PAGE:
Whenever asked what my own roadmap has been, I must say I don’t actually know. I’ve learnt this much, though: when you do too much planning plus follow a single track, you miss a whole lot of opportunities that do not fit in your plan. You are blind to them. The key is to be open minded, see what is going on, identify opportunities, take them into account, and give them due consideration. I have always dreamed of being happy in the sense of having an interesting job in which I can make a difference in influencing good things and making decisions, as well as having a big happy family and time for my hobbies. I trust that if we manage to get rid of the roadblocks inside of us whilst working on a change towards higher diversity, we will all of us be better off, not only women but the society as whole.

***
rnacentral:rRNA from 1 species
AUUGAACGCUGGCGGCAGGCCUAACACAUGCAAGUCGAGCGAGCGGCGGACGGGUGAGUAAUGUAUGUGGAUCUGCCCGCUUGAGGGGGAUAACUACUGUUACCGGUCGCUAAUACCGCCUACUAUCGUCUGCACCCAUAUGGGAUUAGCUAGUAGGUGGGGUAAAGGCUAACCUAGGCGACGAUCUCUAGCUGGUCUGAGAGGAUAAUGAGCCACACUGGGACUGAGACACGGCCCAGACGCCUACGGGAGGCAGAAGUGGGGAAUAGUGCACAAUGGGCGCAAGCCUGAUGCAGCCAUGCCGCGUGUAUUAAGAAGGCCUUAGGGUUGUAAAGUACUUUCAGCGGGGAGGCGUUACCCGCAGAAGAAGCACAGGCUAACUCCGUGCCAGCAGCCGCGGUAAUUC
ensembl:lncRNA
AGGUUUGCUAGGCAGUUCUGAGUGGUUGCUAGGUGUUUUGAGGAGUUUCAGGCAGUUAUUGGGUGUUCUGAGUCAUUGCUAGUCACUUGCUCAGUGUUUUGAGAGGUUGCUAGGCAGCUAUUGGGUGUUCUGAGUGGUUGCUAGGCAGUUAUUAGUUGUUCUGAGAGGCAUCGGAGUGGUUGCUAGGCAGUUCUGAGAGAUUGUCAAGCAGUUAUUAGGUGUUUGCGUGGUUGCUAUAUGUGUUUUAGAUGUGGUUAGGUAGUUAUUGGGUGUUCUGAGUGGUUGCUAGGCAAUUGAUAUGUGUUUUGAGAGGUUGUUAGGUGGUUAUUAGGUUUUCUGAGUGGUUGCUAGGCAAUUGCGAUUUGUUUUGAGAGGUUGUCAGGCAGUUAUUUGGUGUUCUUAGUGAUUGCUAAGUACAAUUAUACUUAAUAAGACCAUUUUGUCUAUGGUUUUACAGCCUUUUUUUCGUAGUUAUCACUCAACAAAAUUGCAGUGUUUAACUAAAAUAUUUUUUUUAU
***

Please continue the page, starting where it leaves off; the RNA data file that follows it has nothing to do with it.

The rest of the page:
I am greatly honored to have the opportunity to spice this book up with a bit of my own experience. I believe that LEAN IN will be of enormous benefit to many readers since it is reader-friendly in style, inspiring, and raises a fundamental issue that concerns us all. It tells stories that open up a space for discussion. It demonstrates to women that they have the power to get things moving. There is never enough of books like this. I will be happy if the book becomes an eye-opener for all of us and encourage us to take the first step.